- If bright lights bother your eyes.
- Very bad belly pain.
- Chest pain or pressure.
- Coughing up blood.
- Mouth irritation or mouth sores.
- Very loose stools (diarrhea).
- Loose stools (diarrhea) that will not go away.
- Very bad and sometimes deadly liver problems have happened with gefitinib. Call your doctor right away if you have signs of liver problems like dark urine, feeling tired, not hungry, upset stomach or stomach pain, light-colored stools, throwing up, or yellow skin or eyes.
- A very bad skin reaction (Stevens-Johnson syndrome/toxic epidermal necrolysis) may happen. It can cause very bad health problems that may not go away, and sometimes death. Get medical help right away if you have signs like red, swollen, blistered, or peeling skin (with or without fever); red or irritated eyes; or sores in your mouth, throat, nose, or eyes.
- Very bad and sometimes deadly lung problems have happened with gefitinib. Call your doctor right away if you have lung or breathing problems like trouble breathing, shortness of breath, or a cough that is new or worse.
What are some other side effects of Gefitinib?
All drugs may cause side effects. However, many people have no side effects or only have minor side effects. Call your doctor or get medical help if any of these side effects or any other side effects bother you or do not go away:
- Throwing up.
- Loose stools (diarrhea).
- Skin irritation.
- Pimples (acne).
- Dry skin.
- Change in nails.
- Not hungry.
- Dry eyes.
- Eye irritation.
These are not all of the side effects that may occur. If you have questions about side effects, call your doctor. Call your doctor for medical advice about side effects.
You may report side effects to the FDA at 1-800-FDA-1088. You may also report side effects at http://www.fda.gov/medwatch.
See also: Side effects (in more detail)
If OVERDOSE is suspected:
If you think there has been an overdose, call your poison control center or get medical care right away. Be ready to tell or show what was taken, how much, and when it happened.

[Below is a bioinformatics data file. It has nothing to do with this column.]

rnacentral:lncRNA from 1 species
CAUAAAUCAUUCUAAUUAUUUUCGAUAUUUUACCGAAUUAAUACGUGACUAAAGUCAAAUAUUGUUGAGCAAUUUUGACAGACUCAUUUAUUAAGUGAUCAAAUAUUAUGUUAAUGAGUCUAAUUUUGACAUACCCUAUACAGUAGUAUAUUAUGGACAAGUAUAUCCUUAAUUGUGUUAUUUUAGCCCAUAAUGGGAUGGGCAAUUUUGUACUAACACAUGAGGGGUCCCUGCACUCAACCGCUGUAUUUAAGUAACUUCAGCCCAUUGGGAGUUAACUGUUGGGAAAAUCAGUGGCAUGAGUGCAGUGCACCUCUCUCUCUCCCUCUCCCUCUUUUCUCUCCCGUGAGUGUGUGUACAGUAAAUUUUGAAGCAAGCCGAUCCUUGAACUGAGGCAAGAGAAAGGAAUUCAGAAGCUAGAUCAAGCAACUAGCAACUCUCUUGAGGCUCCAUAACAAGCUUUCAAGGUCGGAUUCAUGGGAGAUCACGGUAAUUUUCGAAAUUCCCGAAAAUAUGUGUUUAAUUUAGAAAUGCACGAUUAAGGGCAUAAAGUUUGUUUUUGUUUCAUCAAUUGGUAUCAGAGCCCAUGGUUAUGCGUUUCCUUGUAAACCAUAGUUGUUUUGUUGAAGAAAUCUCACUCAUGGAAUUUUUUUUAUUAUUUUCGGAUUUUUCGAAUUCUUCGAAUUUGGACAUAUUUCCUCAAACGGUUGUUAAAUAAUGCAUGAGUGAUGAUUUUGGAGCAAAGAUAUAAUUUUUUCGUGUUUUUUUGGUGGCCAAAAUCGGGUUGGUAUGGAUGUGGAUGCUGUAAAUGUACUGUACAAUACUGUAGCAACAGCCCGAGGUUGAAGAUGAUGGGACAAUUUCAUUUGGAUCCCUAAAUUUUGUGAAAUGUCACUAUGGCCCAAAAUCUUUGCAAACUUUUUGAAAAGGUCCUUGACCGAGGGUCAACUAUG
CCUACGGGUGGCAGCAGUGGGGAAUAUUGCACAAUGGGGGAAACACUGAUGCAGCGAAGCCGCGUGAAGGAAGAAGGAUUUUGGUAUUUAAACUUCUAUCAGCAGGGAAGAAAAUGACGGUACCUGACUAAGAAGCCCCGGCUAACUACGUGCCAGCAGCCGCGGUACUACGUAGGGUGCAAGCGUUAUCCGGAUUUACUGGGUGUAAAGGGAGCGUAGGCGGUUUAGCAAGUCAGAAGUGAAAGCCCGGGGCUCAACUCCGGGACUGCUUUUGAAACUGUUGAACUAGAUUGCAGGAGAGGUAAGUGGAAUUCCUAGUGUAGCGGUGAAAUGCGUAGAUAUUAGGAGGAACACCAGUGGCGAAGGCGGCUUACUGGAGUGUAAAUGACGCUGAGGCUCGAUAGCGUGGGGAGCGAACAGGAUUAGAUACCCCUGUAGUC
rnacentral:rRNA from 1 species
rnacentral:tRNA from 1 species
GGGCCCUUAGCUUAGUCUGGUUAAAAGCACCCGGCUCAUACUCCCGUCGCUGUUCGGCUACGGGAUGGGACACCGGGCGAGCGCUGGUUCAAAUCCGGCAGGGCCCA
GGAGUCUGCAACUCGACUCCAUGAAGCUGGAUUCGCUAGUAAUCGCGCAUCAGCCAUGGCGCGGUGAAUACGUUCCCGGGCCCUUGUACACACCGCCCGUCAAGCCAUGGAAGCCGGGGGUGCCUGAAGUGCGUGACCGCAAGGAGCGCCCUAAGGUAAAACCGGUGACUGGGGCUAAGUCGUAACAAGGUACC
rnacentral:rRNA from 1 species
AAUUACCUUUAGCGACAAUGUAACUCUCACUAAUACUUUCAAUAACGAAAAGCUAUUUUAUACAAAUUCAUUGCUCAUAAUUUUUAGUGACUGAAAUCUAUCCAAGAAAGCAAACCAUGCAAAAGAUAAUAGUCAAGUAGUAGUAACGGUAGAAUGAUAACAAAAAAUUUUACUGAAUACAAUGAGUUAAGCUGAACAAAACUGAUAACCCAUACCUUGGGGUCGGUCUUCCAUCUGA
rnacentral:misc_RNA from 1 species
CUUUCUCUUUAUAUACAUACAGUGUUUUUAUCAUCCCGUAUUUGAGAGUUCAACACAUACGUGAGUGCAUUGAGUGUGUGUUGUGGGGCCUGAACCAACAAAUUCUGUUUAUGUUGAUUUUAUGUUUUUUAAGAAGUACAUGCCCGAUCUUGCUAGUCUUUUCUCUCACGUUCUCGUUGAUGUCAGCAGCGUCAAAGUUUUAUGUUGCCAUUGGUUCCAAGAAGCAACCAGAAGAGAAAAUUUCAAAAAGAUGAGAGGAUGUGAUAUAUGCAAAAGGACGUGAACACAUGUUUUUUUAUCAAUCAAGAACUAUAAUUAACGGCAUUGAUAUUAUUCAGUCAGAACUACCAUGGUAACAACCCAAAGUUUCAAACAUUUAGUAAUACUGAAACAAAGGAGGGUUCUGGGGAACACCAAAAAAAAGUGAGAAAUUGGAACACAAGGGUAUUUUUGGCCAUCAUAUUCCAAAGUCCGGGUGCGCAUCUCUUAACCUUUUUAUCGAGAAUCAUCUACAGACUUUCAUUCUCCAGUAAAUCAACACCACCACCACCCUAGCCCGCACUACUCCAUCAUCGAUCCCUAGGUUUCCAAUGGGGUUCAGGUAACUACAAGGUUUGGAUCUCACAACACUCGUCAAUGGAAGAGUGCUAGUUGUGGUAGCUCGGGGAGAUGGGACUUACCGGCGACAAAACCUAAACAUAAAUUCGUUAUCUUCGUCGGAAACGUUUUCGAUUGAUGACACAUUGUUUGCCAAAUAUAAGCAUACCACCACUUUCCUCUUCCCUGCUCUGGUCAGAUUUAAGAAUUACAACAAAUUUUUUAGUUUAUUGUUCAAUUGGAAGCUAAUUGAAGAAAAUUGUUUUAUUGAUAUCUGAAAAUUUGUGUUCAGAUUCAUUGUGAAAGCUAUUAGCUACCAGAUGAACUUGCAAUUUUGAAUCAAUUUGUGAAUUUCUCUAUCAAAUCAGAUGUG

How do I store and/or throw out Gefitinib?
- Store at room temperature.
- Store in a dry place. Do not store in a bathroom.
- Keep all drugs in a safe place. Keep all drugs out of the reach of children and pets.
- Throw away unused or expired drugs. Do not flush down a toilet or pour down a drain unless you are told to do so. Check with your pharmacist if you have questions about the best way to throw out drugs. There may be drug take-back programs in your area.
Consumer information use
- If your symptoms or health problems do not get better or if they become worse, call your doctor.
- Do not share your drugs with others and do not take anyone else's drugs.
- Keep a list of all your drugs (prescription, natural products, vitamins, OTC) with you. Give this list to your doctor.
- Talk with the doctor before starting any new drug, including prescription or OTC, natural products, or vitamins.
- Some drugs may have another patient information leaflet. Check with your pharmacist. If you have any questions about gefitinib, please talk with your doctor, nurse, pharmacist, or other health care provider.
- If you think there has been an overdose, call your poison control center or get medical care right away. Be ready to tell or show what was taken, how much, and when it happened.
Always consult your healthcare provider to ensure the information displayed on this page applies to your personal circumstances.
More about gefitinib
- Gefitinib Side Effects
- During Pregnancy
- Dosage Information
- Drug Interactions
- Support Group
- En Español
- 7 Reviews
- Drug class: EGFR inhibitors
Other brands: Iressa